Italian court: Migrants facing COVID-19 risks back in their home country can stay in Europe

A court in the Italian city of Milan ruled that the coronavirus situation in a migrant’s country of origin will be taken into account when deciding which migrant can stay in the country. According to the ruling, migrants could be endangered by a lack of medical staff, equipment, or intensive care beds if they are returned to their country of origin.

As the Italian ANSA news agency branch focused on the Mediterranean area reported, a court in Milan ruled that the risk of COVID-19 infection could be used as a reason for granting humanitarian protection.

This so-called humanitarian protection status is given to those who do not obtain refugee status but would be at risk if they would return to their country of origin. However, each case would be reportedly assessed individually and migrants will not receive automatic protection.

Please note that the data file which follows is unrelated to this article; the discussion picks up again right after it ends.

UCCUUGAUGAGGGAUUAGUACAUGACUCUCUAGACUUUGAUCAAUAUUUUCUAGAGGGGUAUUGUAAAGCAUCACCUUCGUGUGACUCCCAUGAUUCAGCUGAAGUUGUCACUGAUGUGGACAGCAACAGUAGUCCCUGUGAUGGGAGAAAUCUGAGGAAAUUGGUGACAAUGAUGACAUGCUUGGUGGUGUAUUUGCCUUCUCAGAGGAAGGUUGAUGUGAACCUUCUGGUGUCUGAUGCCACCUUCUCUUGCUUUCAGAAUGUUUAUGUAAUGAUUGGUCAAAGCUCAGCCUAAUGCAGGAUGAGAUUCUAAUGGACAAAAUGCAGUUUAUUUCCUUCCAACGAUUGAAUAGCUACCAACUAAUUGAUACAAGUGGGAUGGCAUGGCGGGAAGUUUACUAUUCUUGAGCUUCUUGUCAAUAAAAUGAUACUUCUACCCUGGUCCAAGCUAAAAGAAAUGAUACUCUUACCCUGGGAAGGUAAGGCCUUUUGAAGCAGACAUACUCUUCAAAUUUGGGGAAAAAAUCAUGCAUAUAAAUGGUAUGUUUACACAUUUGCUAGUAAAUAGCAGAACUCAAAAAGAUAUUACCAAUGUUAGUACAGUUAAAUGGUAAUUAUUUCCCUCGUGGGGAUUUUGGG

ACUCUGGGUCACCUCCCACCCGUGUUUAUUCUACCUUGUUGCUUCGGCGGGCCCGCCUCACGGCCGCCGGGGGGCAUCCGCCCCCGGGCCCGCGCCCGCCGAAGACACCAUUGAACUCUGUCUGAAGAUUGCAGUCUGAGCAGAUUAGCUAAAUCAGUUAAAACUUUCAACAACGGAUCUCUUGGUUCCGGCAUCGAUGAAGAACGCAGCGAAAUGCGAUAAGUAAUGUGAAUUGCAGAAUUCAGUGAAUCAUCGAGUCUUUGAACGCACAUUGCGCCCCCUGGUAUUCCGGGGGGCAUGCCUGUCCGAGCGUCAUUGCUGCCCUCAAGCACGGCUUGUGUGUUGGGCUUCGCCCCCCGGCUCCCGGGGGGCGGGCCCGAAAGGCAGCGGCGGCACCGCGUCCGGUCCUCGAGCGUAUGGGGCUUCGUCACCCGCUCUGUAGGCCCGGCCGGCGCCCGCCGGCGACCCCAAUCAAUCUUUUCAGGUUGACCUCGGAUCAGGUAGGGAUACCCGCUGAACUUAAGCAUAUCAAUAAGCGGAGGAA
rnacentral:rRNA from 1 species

In the decision process, authorities will take into account whether COVID-19 negatively affects the health care and economy of the migrant’s country of origin, i.e. whether he or she would be at risk of lack of health care or hunger as a result of the pandemic.

The Italian media reported that the court’s decision concerns applications submitted before the changes introduced by the then Minister of the Interior Matteo Salvini in 2018.

According to Italian judges, the pandemic must be considered a risk factor in deciding whether a migrant is entitled to humanitarian protection as he or she could face issues in the country of origin due to the lack of intensive care beds, the lack of lung ventilators, or the lack of hospital staff.

With Italy’s left-wing government relaxing rules at the border, the country has seen a massive surge in migrants entering the country in the last year.

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